As chief of staff of the Denver Public Schools system, overseeing 90,000 students and a near billion-dollar budget, William Lee-Ashley manages the district’s communications, government affairs, and outreach work. He’s also a celebrated visual artist, working largely in mixed media including oils, pencils, and spray paint. Featured in three solo shows in Denver in the last four years, Lee-Ashley’s art wrestles with issues and ideas from the personal (raising his two little kids) to the philosophical (“how society is dealing with race”). We asked him what sparks his creativity.
Lee-Ashley is reading the Pulitzer Prize-winning tome—at a glacial pace.
Book: The Sixth Extinction, by Elizabeth Kolbert
I’m averaging about a page a day, so the sixth extinction might happen before I’m done with the book.
Technology: Apple earphones
I’m on the phone about two hours a day and they actually make that tolerable. When I get to the studio, the same earphones call up the music that helps me get into the headspace to produce.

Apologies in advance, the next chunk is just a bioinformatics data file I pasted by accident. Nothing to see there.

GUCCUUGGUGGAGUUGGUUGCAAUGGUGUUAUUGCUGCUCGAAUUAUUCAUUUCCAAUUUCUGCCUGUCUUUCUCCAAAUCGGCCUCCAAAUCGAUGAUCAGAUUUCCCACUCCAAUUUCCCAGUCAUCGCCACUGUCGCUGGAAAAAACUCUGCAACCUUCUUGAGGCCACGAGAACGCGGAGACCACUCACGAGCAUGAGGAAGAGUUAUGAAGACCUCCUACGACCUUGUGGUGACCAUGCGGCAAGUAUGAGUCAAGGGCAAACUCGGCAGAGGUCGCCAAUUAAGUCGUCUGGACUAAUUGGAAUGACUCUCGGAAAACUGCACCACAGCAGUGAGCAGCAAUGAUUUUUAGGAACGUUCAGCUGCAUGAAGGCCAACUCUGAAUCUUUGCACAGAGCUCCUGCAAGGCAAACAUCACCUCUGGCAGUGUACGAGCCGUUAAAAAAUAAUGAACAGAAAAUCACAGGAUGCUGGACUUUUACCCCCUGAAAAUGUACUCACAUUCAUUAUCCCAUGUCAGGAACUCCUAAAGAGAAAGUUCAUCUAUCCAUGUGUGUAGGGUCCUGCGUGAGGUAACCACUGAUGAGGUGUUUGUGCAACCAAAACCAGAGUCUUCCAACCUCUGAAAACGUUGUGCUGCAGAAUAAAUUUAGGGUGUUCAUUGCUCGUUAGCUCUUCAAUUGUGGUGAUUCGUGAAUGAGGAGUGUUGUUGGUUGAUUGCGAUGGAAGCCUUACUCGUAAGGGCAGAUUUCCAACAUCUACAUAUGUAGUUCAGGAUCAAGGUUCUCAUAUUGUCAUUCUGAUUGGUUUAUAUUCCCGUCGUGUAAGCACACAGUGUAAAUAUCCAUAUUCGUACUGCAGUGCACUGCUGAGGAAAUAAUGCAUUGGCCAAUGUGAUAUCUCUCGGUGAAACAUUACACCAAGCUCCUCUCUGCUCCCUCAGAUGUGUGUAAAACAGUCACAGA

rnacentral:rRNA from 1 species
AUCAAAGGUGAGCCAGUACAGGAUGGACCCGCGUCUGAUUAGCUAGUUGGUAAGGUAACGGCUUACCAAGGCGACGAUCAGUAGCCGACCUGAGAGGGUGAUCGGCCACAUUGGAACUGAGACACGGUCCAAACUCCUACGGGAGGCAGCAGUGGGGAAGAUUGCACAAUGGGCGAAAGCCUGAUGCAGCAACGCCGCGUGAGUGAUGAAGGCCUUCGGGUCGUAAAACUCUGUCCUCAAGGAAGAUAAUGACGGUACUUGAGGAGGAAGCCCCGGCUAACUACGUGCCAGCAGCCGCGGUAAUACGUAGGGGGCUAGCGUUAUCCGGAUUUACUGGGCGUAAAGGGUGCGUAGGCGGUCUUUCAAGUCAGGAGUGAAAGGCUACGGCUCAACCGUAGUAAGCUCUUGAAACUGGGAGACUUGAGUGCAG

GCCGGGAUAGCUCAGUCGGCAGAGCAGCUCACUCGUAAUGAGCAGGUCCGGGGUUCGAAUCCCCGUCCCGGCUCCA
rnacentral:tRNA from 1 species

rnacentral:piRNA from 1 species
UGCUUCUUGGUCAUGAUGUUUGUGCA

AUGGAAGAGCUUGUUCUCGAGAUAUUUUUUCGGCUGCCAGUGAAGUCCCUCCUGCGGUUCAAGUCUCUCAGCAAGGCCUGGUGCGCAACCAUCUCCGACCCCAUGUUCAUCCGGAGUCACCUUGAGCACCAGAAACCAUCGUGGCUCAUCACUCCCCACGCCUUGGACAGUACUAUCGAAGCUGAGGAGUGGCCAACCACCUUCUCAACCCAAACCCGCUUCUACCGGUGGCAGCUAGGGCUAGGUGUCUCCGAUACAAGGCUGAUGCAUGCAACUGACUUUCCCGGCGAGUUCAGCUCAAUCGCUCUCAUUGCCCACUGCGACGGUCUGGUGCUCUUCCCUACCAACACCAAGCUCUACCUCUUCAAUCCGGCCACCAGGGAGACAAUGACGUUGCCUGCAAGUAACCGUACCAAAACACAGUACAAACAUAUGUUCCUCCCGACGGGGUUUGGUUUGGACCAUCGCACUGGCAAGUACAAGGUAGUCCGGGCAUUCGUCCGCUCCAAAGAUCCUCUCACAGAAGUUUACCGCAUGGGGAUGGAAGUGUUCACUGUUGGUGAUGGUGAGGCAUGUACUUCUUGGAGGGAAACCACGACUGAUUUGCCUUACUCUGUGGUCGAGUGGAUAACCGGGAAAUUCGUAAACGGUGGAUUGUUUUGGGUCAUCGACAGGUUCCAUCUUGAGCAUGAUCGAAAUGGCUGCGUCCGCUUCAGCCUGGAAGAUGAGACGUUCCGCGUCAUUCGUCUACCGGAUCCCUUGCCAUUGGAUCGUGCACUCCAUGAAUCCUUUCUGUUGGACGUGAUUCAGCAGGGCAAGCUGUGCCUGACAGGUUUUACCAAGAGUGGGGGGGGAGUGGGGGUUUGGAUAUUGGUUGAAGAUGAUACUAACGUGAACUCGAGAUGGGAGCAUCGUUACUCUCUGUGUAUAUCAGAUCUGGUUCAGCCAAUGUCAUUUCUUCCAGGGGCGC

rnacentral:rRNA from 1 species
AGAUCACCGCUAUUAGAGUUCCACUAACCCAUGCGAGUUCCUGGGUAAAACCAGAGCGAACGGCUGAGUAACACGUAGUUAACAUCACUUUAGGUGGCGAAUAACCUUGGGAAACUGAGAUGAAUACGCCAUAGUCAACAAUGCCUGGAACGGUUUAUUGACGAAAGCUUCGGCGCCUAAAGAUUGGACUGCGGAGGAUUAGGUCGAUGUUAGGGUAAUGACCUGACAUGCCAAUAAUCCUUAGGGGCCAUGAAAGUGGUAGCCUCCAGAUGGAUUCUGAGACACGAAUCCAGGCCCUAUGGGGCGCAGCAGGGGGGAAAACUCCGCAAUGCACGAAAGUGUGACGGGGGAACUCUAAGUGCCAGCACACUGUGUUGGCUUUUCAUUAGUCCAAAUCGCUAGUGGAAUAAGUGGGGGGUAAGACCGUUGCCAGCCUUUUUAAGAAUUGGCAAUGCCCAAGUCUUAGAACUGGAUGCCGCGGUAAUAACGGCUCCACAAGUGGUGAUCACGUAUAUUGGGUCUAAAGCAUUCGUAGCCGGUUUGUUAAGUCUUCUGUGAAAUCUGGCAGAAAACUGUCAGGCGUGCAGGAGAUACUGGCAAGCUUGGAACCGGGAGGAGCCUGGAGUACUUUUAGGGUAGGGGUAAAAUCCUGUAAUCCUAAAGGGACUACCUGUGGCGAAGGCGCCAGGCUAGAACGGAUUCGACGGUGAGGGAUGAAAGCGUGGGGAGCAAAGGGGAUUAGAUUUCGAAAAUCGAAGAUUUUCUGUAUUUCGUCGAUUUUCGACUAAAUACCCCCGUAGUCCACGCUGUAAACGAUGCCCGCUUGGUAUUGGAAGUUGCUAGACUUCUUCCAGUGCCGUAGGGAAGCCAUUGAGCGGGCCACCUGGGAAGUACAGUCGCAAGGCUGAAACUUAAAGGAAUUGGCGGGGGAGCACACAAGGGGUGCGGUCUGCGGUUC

Artists: Jean-Michel Basquiat and William Kentridge
Basquiat is a New York artist who died young and left behind a huge number of jaw-dropping, socially conscious pieces. Kentridge is a South African artist who animated charcoal drawings that told the story of the death of apartheid.
Artistic Medium: Everything
I spend a good amount of time looking through construction dumpsters to find materials to paint on, which I then load into the ’02 Dodge Caravan (a great vehicle, by the way). My favorite brand of spray paint has to be Montana GOLD. The paint is thick, the cans come with custom nozzles, and the color choices are ridiculous.
When he is not painting, Lee-Ashley
likes to visit the Denver Art Museum
with his children. Photograph courtesy Denver Art Museum.
Museum: Denver Art Museum
It is a special place. I’m often there with my one-year-old and my three-year-old, and there are activities for them in every corner. I have also always liked the Centre Pompidou in Paris, with its external pipes. Paris always seemed like a serious place and the Centre seems like a really good practical joke.
—By Eva Yusa